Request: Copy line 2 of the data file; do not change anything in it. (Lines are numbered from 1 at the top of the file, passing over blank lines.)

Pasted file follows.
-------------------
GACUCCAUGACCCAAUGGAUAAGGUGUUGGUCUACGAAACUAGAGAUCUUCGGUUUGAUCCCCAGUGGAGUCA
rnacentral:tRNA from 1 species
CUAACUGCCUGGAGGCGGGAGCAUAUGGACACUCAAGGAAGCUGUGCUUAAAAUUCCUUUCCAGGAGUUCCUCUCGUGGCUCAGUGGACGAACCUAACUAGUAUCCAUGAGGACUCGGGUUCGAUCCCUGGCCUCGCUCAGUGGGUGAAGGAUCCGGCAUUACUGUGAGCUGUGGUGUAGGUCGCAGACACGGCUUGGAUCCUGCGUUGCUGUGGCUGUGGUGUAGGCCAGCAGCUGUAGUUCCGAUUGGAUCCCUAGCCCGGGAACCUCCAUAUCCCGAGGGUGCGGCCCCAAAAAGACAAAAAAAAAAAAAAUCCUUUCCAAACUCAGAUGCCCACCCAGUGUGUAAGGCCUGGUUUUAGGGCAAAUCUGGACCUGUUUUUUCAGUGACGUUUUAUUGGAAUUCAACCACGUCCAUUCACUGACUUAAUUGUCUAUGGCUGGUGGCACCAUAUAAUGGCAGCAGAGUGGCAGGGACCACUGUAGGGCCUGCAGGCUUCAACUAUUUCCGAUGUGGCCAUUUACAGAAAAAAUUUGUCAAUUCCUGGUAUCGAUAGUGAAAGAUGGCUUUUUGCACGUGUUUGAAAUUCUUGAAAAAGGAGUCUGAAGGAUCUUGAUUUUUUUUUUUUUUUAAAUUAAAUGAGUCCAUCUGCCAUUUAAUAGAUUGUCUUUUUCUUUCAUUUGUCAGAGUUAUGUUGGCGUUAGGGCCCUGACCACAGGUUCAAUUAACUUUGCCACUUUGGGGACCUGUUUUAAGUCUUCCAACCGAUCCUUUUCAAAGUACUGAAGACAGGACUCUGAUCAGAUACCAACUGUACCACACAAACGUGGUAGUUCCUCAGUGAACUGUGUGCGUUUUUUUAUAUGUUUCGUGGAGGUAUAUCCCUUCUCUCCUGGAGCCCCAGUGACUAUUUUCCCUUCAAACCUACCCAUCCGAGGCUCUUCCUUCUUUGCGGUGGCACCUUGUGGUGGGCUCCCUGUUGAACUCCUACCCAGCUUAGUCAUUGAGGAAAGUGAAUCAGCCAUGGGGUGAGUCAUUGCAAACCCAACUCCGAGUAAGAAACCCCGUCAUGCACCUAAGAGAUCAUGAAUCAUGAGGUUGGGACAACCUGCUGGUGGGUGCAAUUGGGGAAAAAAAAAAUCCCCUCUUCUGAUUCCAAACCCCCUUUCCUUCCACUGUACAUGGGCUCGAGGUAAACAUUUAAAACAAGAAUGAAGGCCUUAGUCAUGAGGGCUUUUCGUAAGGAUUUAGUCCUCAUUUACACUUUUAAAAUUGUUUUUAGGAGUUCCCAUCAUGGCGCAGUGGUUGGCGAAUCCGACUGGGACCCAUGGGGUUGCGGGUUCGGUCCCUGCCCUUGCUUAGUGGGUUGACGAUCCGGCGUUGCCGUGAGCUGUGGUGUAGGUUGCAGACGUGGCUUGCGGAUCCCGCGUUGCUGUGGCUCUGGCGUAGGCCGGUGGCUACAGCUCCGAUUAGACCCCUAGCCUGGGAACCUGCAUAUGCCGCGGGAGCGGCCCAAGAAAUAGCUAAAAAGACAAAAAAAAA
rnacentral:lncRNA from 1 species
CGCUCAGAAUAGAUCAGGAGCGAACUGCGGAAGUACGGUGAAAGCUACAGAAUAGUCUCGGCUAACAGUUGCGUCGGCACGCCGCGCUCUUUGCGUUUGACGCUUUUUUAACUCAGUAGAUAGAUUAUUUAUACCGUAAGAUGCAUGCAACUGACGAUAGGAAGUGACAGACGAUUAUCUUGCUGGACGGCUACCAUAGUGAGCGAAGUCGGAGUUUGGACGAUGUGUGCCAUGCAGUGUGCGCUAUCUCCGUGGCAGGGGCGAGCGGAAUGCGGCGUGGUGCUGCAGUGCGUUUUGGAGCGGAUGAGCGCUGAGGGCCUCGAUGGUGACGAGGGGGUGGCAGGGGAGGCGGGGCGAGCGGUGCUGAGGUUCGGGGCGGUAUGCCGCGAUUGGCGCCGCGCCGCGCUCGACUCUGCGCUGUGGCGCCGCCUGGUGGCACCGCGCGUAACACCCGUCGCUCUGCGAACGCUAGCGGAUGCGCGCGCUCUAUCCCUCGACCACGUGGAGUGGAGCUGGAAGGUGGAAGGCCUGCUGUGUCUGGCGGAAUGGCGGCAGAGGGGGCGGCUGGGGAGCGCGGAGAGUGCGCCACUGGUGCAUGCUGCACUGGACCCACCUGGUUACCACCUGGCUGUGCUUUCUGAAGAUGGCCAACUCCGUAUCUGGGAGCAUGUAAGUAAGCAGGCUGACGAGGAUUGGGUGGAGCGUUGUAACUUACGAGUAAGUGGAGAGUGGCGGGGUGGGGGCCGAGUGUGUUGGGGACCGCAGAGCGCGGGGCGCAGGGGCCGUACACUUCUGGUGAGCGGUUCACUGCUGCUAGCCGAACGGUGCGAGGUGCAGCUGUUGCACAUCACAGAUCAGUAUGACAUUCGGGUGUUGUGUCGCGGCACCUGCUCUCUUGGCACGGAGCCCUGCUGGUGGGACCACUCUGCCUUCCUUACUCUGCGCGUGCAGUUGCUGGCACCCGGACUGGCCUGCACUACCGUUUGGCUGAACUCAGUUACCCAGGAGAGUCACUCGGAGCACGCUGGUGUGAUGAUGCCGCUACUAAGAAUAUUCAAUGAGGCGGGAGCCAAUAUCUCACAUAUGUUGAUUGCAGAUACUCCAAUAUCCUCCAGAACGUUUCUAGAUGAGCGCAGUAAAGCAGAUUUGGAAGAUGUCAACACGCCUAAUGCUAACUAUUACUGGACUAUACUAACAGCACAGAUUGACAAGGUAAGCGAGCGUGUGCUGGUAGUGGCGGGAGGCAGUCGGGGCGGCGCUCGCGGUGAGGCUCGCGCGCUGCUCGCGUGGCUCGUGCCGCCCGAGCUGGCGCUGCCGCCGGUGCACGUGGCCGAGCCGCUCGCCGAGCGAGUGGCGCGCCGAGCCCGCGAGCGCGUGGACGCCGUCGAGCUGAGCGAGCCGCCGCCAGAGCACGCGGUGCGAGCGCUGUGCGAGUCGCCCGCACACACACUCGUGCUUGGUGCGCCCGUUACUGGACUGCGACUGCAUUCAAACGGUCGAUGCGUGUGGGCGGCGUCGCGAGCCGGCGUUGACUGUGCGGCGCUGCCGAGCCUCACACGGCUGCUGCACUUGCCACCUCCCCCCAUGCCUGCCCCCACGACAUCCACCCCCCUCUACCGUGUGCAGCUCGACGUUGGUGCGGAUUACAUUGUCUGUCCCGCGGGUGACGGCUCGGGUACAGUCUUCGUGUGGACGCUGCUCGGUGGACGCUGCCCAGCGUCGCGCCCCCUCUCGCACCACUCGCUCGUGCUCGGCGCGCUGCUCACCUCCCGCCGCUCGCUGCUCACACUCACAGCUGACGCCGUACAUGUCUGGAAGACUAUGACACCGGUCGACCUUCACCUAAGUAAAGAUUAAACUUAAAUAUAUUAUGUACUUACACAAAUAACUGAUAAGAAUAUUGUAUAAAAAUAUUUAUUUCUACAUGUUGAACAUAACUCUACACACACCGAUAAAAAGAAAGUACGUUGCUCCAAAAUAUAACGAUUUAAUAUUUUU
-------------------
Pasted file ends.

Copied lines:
rnacentral:tRNA from 1 species